JLL: Investors Rotating Into Office Assets As Rents, Occupancy Set To Recover
JLL executives struck an upbeat tone about the still-muddled return to office among U.S. workers on a company webinar on Thursday, characterizing the trend in 2021 — aside from the late-summer delta variant bump — as positive in terms of increasing occupancy and rent recovery.
Not only did they say that workers would eventually return to offices much of the time, but that investors would not be discouraged from taking long-term positions in office properties because office space usage isn't going to collapse.
At the heart of the return to the office is the need for human contact, JLL Americas Markets CEO John Gates said.
"Nearly half of U.S. workers are experiencing pandemic-induced mental health issues, and that's very likely exacerbated by virtual burnout and social isolation," he said. "The physical office will remain the center of the work ecosystem. It's the link to connectivity and also the culture of an organization. That's more crucial than ever because companies are really struggling to fill open positions and retain key talent."
The centrality of the office was the first of the "four truths" Gates outlined about office space in a post-pandemic environment. Two others were that the ultimate impact of the coronavirus pandemic on office space usage will be relatively minor, and that health and wellness will take on renewed importance, not just to employees but also employers.
"We held a recent survey of a hundred corporate real estate professionals about how they expected their footprints to change," Gates said. "And most of them responded that they were either keeping their existing space or expanding it."
Despite all that, Gates acknowledged, as the fourth of his "truths," that hybrid work will remain a large presence in the workforce from now on.
"Most companies had already embraced mobility and flexibility well ahead of the pandemic," Gates said. "The combination of on-the-go lifestyles along with advanced technology has made working from everywhere possible for quite some time."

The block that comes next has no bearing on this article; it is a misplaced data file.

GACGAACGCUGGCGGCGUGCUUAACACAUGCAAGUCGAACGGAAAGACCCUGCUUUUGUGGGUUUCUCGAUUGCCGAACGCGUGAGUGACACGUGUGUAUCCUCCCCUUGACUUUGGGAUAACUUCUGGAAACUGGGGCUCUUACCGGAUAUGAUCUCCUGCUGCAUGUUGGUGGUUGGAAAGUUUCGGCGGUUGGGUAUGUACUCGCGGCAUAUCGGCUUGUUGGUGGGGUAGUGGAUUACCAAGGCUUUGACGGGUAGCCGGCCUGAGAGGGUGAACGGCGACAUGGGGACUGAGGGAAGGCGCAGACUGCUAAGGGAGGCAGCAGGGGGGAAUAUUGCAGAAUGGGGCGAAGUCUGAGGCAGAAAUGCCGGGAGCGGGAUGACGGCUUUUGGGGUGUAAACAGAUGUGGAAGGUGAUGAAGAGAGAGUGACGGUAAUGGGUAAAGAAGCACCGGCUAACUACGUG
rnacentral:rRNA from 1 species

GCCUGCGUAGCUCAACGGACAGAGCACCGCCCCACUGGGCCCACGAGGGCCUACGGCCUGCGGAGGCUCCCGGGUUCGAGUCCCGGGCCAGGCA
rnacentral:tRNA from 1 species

Still, he said, when a new normal is established, remote work should augment, not replace office visits.
The webinar participants buttressed the case for a return to the office through various metrics. JLL Managing Director, Research & Strategy Christian Beaudoin, who moderated, cited the company's comeback index, which tracks entry badge swipe rates, leasing activity, lease term, unemployment claims and other data, as hitting a peak in July, followed by a slowdown as the delta variant hit.
"We're approximately 66% back to what we might call normal activity from where we were in 2019," Beaudoin said. "I know that for a lot of us in commercial real estate, things don't seem to be moving fast enough. But in reality, the progress that we have made since the beginning of this year has been incredible."
Not every company is going to see a return to the office as quickly or smoothly as one might hope, Beaudoin said. Those that do best will be those with the strongest lines of communication between management and workers.
"The companies that cannot clearly communicate their strategy to return are the ones who are struggling most with re-entry," he said. "Conversely, those that are communicating a clear sense of purpose and alignment have incredibly high attendance rates."
A key consideration for companies in their return strategies is the struggle for talent, JLL Markets Senior Director Steven Clark said.
"The war for talent is really fierce, especially for the leaders of the future," Clark said. "What are their expectations? Also, are you able to attract and retain diverse talent in a particular location?"
JLL Capital Markets CEO Mark Gibson said that investors aren't discouraged by current conditions, since they are looking for long-term yield. There is record liquidity in the commercial real estate space, based on long-term performance, and CRE is an excellent store of value for investors, he said.
"Early in the pandemic, there was a move to multi-housing and industrial, and record liquidity went into those sectors," Gibson said. "That created an incredibly competitive environment in those two sectors."
There is now an investor rotation into other asset classes, especially office, Gibson said.
"Office is a favored asset class at this point, because the pricing delta for what you can achieve with a well-located office property versus in-favor properties could be 300 to 500 basis points in current yield," Gibson said.